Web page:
LocalGov Digital: Hack events “essential” for better digital services
Civil coding collaborations seen as being increasingly vital to tackle challenges in delivering public services
Public sector hack events that allow for greater collaboration on civic coding are essential to delivering better digital public services, Phil Rumens, vice chair of the LocalGov Digital network, has argued.
Speaking after the latest LocalGovCamp 'unconference' held in Birmingham last weekend, Rumens said that the decision to host a 'hackathon' ahead of the event highlighted the importance of civil coding in tackling challenges facing the delivery of public services.
The hack event brought together 50 people representing local government organisations, the Government Digital Sevice (GDS), the NHS, Ordnance Survey, small and medium enterprises (SMEs) and the wider private sector to tackle ongoing challenges facing councils and local bodies.
"We set three challenges, create a local public services search engine, create a place to highlight standards, schemas and pages, and build a good user journey for first time users," Rumens said of the event.
"Front line staff and digital officers from Shropshire Council worked with the London Borough of Lambeth and others to create a user journey for a benefit claimant, showing that problems faced by a rural unitary council or an urban London borough can be the same and solved together.
"Another group started to create a set of digital and data standards for service requests to councils. Another group started to create a way to highlight a project placed on GitHub for sharing and collaboration, by councils. This work will continue," he added.
A group that devised a data specifications service called Localo during the hack day is now working to expand the potential uses of the scheme, with LocalGov Digital preparing in September to host a discovery day in Bristol to work on applying these standards to assist councils with waste services.
Friday's hack event, ran in conjunction with innovation charity Nesta, was held alongside a Leaders' Summit as part of a fringe day to open the fifth iteration of LocalGovCamp, which for the first time was hosted by LocalGov Digital.
With a number of decision makers in attendance, Sarah Lay communications and community management lead with LocalGov Digital said the event was believed to be something of a first in terms of bringing together chief executives, senior officers, politicians, technical developers and user experience teams.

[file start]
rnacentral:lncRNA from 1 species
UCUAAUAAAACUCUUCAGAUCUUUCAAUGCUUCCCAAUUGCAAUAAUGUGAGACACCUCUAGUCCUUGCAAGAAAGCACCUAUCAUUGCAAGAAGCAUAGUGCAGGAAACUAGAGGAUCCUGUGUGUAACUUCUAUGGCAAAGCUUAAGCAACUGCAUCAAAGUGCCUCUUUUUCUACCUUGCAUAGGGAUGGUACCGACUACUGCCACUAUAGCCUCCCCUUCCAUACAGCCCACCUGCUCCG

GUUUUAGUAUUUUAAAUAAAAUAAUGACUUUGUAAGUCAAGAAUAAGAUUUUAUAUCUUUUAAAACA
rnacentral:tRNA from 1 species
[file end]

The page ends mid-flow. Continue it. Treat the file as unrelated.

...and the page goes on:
"Feedback so far has been overwhelmingly positive and noted that this is an important event for moving innovation and collaboration forward in the sector while also providing tremendous support between practitioners," added Lay, herself senior digital officer at Nottinghamshire County Council.
Retaining the 'unconference' theme of earlier LocalGovCamps, attendees worked to crowdsource the agenda for the event, which was broken down into 28 sessions. The sessions covered topics including open data, a connected network of people, techniques to improve user experience, the wide topic of council websites and agile working in the public sector.
LocalGov Digital also held an open steering group during the event devised on setting out the direction for the group's work going forward.
Looking ahead, Lay added that a provisional plan to host a 2015 LocalGovCamp in Cornwall was likely to follow a similar format in order to support efforts to help local government better develop skills for providing more efficient, user driven alternatives to public service delivery.
"The sector continues to face pressure and a need to adapt as budgets shrink and demands rise. LocalGovCamp and the LocalGov Digital network offers a way for the sector to become more efficient through shared and collaborative working as well as become a support for individual practitioners and teams," she added.